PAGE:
We have known for some time that we are under-insured. But Whoa Nellie!! After I used Aflac’s Real Cost Calculator I almost had a heart attack…but that is WAY to expensive for our purse strings. No wonder the leading cause of bankruptcy in the United States is medical bills.I mean goodness gracious, did you know that the national average for a broken leg is $10,000??? Seriously, that is just crazy to me.
After looking at several scenarios using the Aflac Real Cost Calculator I have realized that we cannot afford to get sick. I mean I knew that medical procedures, illnesses and emergencies are expensive but we have been so lucky that we haven’t really had to deal with anything medical wise other than the regular cold, flu shots, etc for several years. VERY lucky (hang on, I have to go knock on wood). But it has been a concern of ours. Like I said, we know we are under-insured but just had no idea where to even start…and where we need to be.
What is the Real Cost Calculator (RCC)? The Aflac RCC is an illustrative, interactive tool that shows the average out-of-pocket expenses associated with a number of injuries and illnesses. Many insurance policy holders don’t know what their package includes or to what extent they will be covered in the event of common accidents and illnesses. The Aflac RCC was developed to show the health care costs that major medical insurance doesn’t cover.
The calculator includes average medical costs not covered by major medical insurance for several types of cancer, stroke, heart attack, diabetes, broken leg, as well as common childhood ailments, pneumonia and asthma. The RCC tool incorporates cost data from numerous sources, including governmental and public health organizations, health care providers, etc. In addition to medical costs, the tool shows the ongoing household expenses that can add up during a patient’s recovery period to give a more complete picture of the cost of becoming sick or hurt.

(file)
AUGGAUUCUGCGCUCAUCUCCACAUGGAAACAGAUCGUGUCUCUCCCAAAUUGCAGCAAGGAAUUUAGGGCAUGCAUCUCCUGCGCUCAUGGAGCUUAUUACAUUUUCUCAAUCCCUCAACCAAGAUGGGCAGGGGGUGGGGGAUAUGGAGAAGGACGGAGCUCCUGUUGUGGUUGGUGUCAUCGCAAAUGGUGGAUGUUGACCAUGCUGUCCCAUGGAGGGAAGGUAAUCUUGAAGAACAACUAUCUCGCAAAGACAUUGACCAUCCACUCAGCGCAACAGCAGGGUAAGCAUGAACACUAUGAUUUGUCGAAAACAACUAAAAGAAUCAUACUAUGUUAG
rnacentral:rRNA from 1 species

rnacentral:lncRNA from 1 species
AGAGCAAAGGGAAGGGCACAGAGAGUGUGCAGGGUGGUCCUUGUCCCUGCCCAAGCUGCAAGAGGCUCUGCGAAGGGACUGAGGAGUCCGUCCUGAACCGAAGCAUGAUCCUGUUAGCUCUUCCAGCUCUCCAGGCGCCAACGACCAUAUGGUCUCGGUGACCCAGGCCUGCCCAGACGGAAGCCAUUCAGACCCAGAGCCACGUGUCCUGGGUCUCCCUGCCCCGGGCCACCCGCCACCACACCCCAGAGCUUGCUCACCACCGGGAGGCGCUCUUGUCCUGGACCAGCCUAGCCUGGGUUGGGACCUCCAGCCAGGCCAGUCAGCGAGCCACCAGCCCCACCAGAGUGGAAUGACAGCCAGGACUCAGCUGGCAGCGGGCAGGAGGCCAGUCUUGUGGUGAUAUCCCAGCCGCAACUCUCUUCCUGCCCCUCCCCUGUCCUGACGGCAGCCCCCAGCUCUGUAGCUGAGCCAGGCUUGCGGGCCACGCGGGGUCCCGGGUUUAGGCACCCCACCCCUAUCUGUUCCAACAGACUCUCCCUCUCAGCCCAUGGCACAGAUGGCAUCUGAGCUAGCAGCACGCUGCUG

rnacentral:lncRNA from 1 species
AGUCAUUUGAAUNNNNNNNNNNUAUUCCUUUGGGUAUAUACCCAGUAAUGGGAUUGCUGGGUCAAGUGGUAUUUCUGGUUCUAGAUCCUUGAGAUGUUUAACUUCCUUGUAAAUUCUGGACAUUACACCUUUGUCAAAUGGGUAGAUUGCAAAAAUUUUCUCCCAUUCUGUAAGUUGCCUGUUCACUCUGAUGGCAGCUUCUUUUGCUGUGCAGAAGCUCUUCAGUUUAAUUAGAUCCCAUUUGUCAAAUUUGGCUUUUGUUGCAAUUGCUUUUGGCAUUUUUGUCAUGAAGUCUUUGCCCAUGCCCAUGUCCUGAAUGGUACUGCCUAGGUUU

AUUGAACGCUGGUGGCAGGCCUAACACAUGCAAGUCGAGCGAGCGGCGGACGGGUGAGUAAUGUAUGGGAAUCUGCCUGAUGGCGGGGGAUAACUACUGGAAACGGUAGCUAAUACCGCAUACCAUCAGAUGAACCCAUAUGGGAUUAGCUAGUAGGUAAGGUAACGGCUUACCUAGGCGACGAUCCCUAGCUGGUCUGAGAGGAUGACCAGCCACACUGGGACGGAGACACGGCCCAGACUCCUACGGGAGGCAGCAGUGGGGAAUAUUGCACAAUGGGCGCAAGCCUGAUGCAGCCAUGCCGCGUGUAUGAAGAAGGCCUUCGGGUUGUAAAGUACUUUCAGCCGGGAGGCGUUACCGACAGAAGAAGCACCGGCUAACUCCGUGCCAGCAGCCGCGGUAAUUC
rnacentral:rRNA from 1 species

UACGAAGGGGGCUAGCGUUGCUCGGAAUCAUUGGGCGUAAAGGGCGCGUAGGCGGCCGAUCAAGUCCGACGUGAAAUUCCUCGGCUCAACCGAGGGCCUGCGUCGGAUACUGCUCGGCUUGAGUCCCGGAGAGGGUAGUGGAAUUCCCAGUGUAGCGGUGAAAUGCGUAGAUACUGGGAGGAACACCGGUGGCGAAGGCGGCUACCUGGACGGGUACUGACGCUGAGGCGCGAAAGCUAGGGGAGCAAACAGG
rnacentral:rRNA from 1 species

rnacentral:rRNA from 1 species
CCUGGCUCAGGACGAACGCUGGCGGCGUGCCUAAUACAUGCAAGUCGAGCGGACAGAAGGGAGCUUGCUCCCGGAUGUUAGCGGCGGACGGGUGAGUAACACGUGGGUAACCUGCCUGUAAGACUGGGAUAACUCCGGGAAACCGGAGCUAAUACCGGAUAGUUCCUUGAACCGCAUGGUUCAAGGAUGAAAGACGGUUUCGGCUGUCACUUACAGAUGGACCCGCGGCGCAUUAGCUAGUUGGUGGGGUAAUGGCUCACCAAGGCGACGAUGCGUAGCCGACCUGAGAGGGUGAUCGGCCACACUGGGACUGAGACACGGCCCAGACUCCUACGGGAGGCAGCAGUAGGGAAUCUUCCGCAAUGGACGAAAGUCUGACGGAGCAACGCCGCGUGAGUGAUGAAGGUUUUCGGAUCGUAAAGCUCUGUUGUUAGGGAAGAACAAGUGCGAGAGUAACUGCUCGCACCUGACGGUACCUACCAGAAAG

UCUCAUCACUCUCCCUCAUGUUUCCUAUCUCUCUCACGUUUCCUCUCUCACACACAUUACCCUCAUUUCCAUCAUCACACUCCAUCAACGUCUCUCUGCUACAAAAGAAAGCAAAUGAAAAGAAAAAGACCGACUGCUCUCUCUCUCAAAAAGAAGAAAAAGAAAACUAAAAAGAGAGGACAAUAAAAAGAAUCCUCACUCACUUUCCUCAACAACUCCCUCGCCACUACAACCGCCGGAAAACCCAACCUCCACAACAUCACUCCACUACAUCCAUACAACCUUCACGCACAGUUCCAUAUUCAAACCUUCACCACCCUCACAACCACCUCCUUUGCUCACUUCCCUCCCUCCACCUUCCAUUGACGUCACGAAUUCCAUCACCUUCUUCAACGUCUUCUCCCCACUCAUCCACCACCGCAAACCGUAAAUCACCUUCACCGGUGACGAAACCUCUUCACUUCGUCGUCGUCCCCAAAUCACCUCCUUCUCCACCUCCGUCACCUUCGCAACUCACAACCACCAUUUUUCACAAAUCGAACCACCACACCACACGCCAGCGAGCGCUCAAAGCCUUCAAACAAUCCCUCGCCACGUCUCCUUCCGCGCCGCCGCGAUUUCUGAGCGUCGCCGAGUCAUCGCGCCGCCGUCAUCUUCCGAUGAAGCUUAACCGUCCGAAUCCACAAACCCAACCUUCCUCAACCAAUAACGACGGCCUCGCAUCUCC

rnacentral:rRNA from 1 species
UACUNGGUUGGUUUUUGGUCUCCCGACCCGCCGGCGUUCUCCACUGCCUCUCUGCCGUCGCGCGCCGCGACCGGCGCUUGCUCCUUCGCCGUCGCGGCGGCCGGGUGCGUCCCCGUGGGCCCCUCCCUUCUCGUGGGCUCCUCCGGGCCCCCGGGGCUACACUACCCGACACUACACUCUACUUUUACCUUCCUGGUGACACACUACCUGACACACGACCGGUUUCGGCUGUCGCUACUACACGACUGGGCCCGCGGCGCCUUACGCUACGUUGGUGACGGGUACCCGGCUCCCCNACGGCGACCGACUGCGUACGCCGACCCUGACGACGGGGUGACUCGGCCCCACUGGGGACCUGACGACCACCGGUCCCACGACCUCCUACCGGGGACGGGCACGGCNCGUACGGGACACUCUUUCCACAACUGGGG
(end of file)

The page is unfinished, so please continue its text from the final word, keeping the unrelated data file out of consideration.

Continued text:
It is alarming. I have several friends who have been struck with the sky-rocketing out of pocket costs that major illnesses have burdened them with. It breaks my heart watching them have to decide things like should I take chemo or pay the mortgage? Do I have enough money to pay for prescriptions and food? How are we going to pay the power bill and have enough money to go back and forth to doctor visits? These are question that many people have to deal with on a regular basis and while it isn’t fair, it is reality…and why we are looking at just how un-insured we are and where we need to be and how to go about getting there.
Many of us don’t know what our insurance package includes or to what extent we will be covered in the event of common accidents and illnesses. We tend to think that we are covered by our major medical insurance – but often, we’re not.
The Aflac RCC is simple and easy to use. In three easy steps it breaks down:
1) medical and out-of-pocket costs including deductibles and copays;
2) household expenses during a treatment or recovery period, like rent or mortgage, car payments, child care and utility bills and;
3) out-of-pocket expenses like transportation for follow-up doctor’s visits, special travel arrangements, caregiving and other health care needs that continue while a patient is sick and out of work.
The RCC tool will also show users how Aflac policies could help offset out-of-pocket costs and educate consumers about how voluntary insurance can help fill the gaps in their health insurance coverage.
For us, I have decided it is time to meet the duck. Aflac offers supplemental insurance plans that can pick up where major medical insurance leaves off and pays benefits in cash that can be used on everything from medical care to daily living expenses, filling in the gaps left by major medical coverage. For nearly six decades, Aflac insurance policies have given policyholders the opportunity to focus on recovery, not financial stress, which is so important. And knowing that Aflac pays cash benefits fast, most within 4 business days…and are paid directly to the policy holder, not the hospital or doctor, so that they can be used to help pay bills, gas, groceries, childcare, etc.